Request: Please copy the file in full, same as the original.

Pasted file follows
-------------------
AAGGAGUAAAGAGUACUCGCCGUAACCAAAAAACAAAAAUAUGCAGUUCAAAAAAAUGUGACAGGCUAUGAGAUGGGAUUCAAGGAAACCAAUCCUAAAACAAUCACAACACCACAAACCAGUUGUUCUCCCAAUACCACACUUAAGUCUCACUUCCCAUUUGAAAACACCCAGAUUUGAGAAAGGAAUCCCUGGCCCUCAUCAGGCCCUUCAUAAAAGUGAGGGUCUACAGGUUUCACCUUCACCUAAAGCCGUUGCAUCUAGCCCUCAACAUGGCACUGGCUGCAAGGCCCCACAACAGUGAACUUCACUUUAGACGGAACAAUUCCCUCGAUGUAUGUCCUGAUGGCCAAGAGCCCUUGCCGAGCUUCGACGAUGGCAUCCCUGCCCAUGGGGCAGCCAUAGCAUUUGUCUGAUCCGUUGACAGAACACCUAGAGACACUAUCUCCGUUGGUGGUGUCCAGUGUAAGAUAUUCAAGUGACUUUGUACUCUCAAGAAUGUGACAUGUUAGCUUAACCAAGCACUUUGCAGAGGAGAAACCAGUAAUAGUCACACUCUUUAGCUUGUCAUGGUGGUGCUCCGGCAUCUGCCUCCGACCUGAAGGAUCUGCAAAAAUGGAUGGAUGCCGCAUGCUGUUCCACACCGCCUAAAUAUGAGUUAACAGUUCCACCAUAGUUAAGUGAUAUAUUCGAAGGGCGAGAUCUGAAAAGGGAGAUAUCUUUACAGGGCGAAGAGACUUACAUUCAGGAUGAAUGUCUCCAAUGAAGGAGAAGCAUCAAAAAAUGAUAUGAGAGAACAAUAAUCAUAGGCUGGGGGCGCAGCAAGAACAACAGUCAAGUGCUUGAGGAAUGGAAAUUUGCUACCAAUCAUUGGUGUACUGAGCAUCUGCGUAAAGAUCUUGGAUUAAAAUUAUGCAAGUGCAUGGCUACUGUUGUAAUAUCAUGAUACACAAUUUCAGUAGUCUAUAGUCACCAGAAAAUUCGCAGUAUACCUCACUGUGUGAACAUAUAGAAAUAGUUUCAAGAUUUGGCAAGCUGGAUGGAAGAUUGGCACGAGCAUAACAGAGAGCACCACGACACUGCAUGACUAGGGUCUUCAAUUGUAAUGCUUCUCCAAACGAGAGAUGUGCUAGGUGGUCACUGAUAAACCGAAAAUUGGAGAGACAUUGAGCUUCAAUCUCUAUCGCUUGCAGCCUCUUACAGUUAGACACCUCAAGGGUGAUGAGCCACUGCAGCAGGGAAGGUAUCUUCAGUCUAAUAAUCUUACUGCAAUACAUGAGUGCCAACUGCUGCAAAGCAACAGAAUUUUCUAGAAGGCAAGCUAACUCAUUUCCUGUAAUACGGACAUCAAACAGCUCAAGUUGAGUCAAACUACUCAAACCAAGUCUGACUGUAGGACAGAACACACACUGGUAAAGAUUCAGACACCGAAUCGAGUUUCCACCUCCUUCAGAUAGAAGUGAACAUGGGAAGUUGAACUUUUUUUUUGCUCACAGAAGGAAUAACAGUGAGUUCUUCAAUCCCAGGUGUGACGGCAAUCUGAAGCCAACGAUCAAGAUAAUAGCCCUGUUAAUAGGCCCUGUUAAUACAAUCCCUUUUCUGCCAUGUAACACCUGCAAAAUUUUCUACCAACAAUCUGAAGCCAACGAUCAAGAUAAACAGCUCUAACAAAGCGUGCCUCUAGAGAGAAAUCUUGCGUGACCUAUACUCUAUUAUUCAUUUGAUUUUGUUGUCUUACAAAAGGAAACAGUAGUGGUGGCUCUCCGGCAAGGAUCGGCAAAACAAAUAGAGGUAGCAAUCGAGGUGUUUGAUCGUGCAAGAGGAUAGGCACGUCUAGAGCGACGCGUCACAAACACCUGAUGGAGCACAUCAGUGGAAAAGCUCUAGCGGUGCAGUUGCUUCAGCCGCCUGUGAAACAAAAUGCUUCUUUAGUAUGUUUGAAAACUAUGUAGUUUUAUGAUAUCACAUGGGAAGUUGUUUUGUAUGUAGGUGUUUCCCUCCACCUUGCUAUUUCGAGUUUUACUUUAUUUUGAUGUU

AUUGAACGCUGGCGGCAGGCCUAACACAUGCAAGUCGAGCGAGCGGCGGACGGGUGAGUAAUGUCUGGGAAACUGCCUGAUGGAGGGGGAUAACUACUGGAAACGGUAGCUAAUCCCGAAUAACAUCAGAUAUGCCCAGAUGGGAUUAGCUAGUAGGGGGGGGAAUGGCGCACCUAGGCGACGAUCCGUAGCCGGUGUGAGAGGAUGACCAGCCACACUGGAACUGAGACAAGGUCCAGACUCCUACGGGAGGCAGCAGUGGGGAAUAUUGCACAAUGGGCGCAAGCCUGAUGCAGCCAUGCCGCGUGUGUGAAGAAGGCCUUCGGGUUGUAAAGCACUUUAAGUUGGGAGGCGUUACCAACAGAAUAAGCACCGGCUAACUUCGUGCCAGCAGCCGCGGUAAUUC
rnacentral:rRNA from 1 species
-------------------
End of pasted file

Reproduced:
AAGGAGUAAAGAGUACUCGCCGUAACCAAAAAACAAAAAUAUGCAGUUCAAAAAAAUGUGACAGGCUAUGAGAUGGGAUUCAAGGAAACCAAUCCUAAAACAAUCACAACACCACAAACCAGUUGUUCUCCCAAUACCACACUUAAGUCUCACUUCCCAUUUGAAAACACCCAGAUUUGAGAAAGGAAUCCCUGGCCCUCAUCAGGCCCUUCAUAAAAGUGAGGGUCUACAGGUUUCACCUUCACCUAAAGCCGUUGCAUCUAGCCCUCAACAUGGCACUGGCUGCAAGGCCCCACAACAGUGAACUUCACUUUAGACGGAACAAUUCCCUCGAUGUAUGUCCUGAUGGCCAAGAGCCCUUGCCGAGCUUCGACGAUGGCAUCCCUGCCCAUGGGGCAGCCAUAGCAUUUGUCUGAUCCGUUGACAGAACACCUAGAGACACUAUCUCCGUUGGUGGUGUCCAGUGUAAGAUAUUCAAGUGACUUUGUACUCUCAAGAAUGUGACAUGUUAGCUUAACCAAGCACUUUGCAGAGGAGAAACCAGUAAUAGUCACACUCUUUAGCUUGUCAUGGUGGUGCUCCGGCAUCUGCCUCCGACCUGAAGGAUCUGCAAAAAUGGAUGGAUGCCGCAUGCUGUUCCACACCGCCUAAAUAUGAGUUAACAGUUCCACCAUAGUUAAGUGAUAUAUUCGAAGGGCGAGAUCUGAAAAGGGAGAUAUCUUUACAGGGCGAAGAGACUUACAUUCAGGAUGAAUGUCUCCAAUGAAGGAGAAGCAUCAAAAAAUGAUAUGAGAGAACAAUAAUCAUAGGCUGGGGGCGCAGCAAGAACAACAGUCAAGUGCUUGAGGAAUGGAAAUUUGCUACCAAUCAUUGGUGUACUGAGCAUCUGCGUAAAGAUCUUGGAUUAAAAUUAUGCAAGUGCAUGGCUACUGUUGUAAUAUCAUGAUACACAAUUUCAGUAGUCUAUAGUCACCAGAAAAUUCGCAGUAUACCUCACUGUGUGAACAUAUAGAAAUAGUUUCAAGAUUUGGCAAGCUGGAUGGAAGAUUGGCACGAGCAUAACAGAGAGCACCACGACACUGCAUGACUAGGGUCUUCAAUUGUAAUGCUUCUCCAAACGAGAGAUGUGCUAGGUGGUCACUGAUAAACCGAAAAUUGGAGAGACAUUGAGCUUCAAUCUCUAUCGCUUGCAGCCUCUUACAGUUAGACACCUCAAGGGUGAUGAGCCACUGCAGCAGGGAAGGUAUCUUCAGUCUAAUAAUCUUACUGCAAUACAUGAGUGCCAACUGCUGCAAAGCAACAGAAUUUUCUAGAAGGCAAGCUAACUCAUUUCCUGUAAUACGGACAUCAAACAGCUCAAGUUGAGUCAAACUACUCAAACCAAGUCUGACUGUAGGACAGAACACACACUGGUAAAGAUUCAGACACCGAAUCGAGUUUCCACCUCCUUCAGAUAGAAGUGAACAUGGGAAGUUGAACUUUUUUUUUGCUCACAGAAGGAAUAACAGUGAGUUCUUCAAUCCCAGGUGUGACGGCAAUCUGAAGCCAACGAUCAAGAUAAUAGCCCUGUUAAUAGGCCCUGUUAAUACAAUCCCUUUUCUGCCAUGUAACACCUGCAAAAUUUUCUACCAACAAUCUGAAGCCAACGAUCAAGAUAAACAGCUCUAACAAAGCGUGCCUCUAGAGAGAAAUCUUGCGUGACCUAUACUCUAUUAUUCAUUUGAUUUUGUUGUCUUACAAAAGGAAACAGUAGUGGUGGCUCUCCGGCAAGGAUCGGCAAAACAAAUAGAGGUAGCAAUCGAGGUGUUUGAUCGUGCAAGAGGAUAGGCACGUCUAGAGCGACGCGUCACAAACACCUGAUGGAGCACAUCAGUGGAAAAGCUCUAGCGGUGCAGUUGCUUCAGCCGCCUGUGAAACAAAAUGCUUCUUUAGUAUGUUUGAAAACUAUGUAGUUUUAUGAUAUCACAUGGGAAGUUGUUUUGUAUGUAGGUGUUUCCCUCCACCUUGCUAUUUCGAGUUUUACUUUAUUUUGAUGUU

AUUGAACGCUGGCGGCAGGCCUAACACAUGCAAGUCGAGCGAGCGGCGGACGGGUGAGUAAUGUCUGGGAAACUGCCUGAUGGAGGGGGAUAACUACUGGAAACGGUAGCUAAUCCCGAAUAACAUCAGAUAUGCCCAGAUGGGAUUAGCUAGUAGGGGGGGGAAUGGCGCACCUAGGCGACGAUCCGUAGCCGGUGUGAGAGGAUGACCAGCCACACUGGAACUGAGACAAGGUCCAGACUCCUACGGGAGGCAGCAGUGGGGAAUAUUGCACAAUGGGCGCAAGCCUGAUGCAGCCAUGCCGCGUGUGUGAAGAAGGCCUUCGGGUUGUAAAGCACUUUAAGUUGGGAGGCGUUACCAACAGAAUAAGCACCGGCUAACUUCGUGCCAGCAGCCGCGGUAAUUC
rnacentral:rRNA from 1 species